Robert Hampton

Another visitor! Stay a while… stay forever!

13th September 2012

Panel Game

"We Never Walk Alone" bannerYesterday was a momentous day for Liverpool as the Hillsborough Independent Panel delivered its final report. Shortly afterwards, David Cameron made a statement to the House of Commons, in a very subdued atmosphere – the only noise from MPs being the occasional gasp of astonishment as the revelations came tumbling out.

Regular readers of this blog (both of them) will know I’m not a fan of football. For me, however, the Hillsborough disaster transcends sport and is about wider issues. It’s about a disaster which could have been avoided, or at the very least reduced in magnitude, had the people in charge done their jobs properly. About victims and their families denied a proper account of what happened. About a complete failure of the government and judicial process to hold anyone accountable.

Most significantly, it was about a shameful effort to smear the dead and the injured. Sheffield’s MP and the Police briefed the media that the disaster was caused by fan behaviour. Several newspapers reported the totally unsubstantiated allegations, but it was The Sun, with its headline “THE TRUTH” screaming out from newsagents’ shelves across the country, that did the damage. That headline was read by millions of people – far more than would ever read the subsequent official reports that exonerated the fans in the ground.

The Sun’s editor at the time, Kelvin Mackenzie, has “apologised”. This is not the first time he’s apologised – or maybe it is, as he has said in the past that his previous apologies were completely insincere. I’m not sure what punishment is appropriate, but if any TV producers are looking in, it would be nice to stop seeing him pop up as a jolly knockabout chat show guest on That Wonderful Alan Titchmarsh show or as a pundit on The Apprentice: You’re Fired.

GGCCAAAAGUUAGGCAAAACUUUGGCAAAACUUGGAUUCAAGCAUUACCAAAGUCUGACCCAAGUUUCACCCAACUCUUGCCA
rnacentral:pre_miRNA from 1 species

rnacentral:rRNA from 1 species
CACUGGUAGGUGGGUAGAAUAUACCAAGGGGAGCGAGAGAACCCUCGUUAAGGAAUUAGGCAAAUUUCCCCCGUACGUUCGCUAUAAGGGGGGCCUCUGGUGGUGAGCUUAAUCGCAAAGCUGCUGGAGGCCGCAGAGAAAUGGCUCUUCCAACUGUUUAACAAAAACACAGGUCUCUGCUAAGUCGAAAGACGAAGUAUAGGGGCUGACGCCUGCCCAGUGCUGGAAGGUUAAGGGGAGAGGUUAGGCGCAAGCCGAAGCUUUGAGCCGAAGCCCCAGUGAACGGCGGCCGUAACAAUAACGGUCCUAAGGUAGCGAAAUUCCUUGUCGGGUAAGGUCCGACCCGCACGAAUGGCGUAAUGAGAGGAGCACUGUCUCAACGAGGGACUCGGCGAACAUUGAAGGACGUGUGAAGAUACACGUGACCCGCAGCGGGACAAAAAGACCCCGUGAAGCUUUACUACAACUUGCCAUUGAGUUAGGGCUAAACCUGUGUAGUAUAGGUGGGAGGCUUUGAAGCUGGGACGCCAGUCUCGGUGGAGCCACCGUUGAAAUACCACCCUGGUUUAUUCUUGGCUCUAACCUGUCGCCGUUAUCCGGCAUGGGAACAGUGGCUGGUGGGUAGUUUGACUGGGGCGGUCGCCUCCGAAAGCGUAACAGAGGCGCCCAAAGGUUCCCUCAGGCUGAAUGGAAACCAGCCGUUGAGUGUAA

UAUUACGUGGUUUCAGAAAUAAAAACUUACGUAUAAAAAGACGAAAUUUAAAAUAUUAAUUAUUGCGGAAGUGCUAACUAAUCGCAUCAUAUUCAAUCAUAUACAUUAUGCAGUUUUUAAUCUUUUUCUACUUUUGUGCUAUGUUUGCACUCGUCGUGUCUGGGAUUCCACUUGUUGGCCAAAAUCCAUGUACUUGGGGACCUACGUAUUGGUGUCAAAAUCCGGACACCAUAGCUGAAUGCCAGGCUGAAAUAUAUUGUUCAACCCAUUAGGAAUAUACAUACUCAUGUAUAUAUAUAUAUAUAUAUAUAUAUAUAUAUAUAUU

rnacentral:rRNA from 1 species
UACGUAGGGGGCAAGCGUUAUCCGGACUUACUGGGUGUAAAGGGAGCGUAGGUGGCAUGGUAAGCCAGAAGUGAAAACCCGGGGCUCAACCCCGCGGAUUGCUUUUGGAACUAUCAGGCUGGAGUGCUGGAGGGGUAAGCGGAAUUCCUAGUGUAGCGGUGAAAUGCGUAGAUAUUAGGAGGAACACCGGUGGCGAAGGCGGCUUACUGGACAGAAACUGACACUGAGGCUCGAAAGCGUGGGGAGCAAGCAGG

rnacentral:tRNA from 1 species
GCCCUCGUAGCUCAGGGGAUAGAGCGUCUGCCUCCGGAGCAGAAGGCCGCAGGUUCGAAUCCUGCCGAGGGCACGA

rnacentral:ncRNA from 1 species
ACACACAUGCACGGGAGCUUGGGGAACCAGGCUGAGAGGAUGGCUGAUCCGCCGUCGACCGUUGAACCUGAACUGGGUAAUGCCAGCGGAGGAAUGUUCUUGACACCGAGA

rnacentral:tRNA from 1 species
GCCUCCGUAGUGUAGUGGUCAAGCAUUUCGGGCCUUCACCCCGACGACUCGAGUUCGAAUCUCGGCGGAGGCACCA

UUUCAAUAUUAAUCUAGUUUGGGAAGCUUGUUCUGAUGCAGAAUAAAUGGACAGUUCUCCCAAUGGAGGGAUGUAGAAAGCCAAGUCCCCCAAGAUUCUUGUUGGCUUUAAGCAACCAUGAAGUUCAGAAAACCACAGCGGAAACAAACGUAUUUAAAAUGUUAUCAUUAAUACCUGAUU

The Sun reiterated its apology again yesterday. Their first attempt at apology came in 2004, but only because of anger from many in Liverpool at Wayne Rooney, who sold his life story to the News of the World. It emerged at the Leveson inquiry that the paper offered money for a sports centre and promised to campaign on the Hillsborough familes’ behalf – but only if the paper’s apology was accepted. The families, quite rightly, rejected the offer.

The organisations who conspired to shift the blame must have thought they would get away with it. After all, who’d believe a bunch of Scousers over the word of the police and a parliamentarian? In 1989 Liverpool was a city in dire straits, suffering from years of decline. Its residents and football fans must have seemed like an easy target. Blame them, vilify them, kick them while they’re down.

Perhaps the powers-that-be didn’t expect the families of the 96 victims to fight back. But fight back they did, with a courage and determination that is to be admired. For 23 years they have campaigned tirelessly, and for most of that time they were met with indifference or hostility. They were told that the matter was closed, to let it go and move on with their lives, that they were wallowing in grief and self-pity, that they were whingeing Scousers. In spite of all this, they continued to press for answers.

Finally, last year, the Government agreed to release all the paperwork held relating to the tragedy, following a debate of the sort rarely seen in Parliament – and not just because the MPs were serious and spoke to each other like grown-ups. The Walton MP Steve Rotheram read the names of the 96 victims into the Parliamentary record, a moment of poignancy in a chamber usually more known for childish political point-scoring.

The release of the report, and the apologies from David Cameron and Ed Miliband for the failings of previous Governments, is far from the end of the matter. In a way, it’s a new beginning, paving the way for the big questions to finally be answered. At the very least, new inquests could take place.

“Justice for the 96” has been the demand for the past 23 years. Today was a big step, but only a step. There is a long process still to come, but after today I personally have no doubt that Justice will be achieved.

In the meantime, we must remember the key issue at the heart of the matter: the 96 people – men, women and children – who went out on a warm April day to see a football match and never returned home. I challenge you to watch this video without shedding a tear.

Tags: , , ,

One Response
  1. Comment by peezedtee
    13th September 2012 at 2:15 pm

    I feel sure there was an element of “oh, they were only working-class people from the North, and probably yobboes anyway, so they don’t really matter”, if only at a semi-conscious level.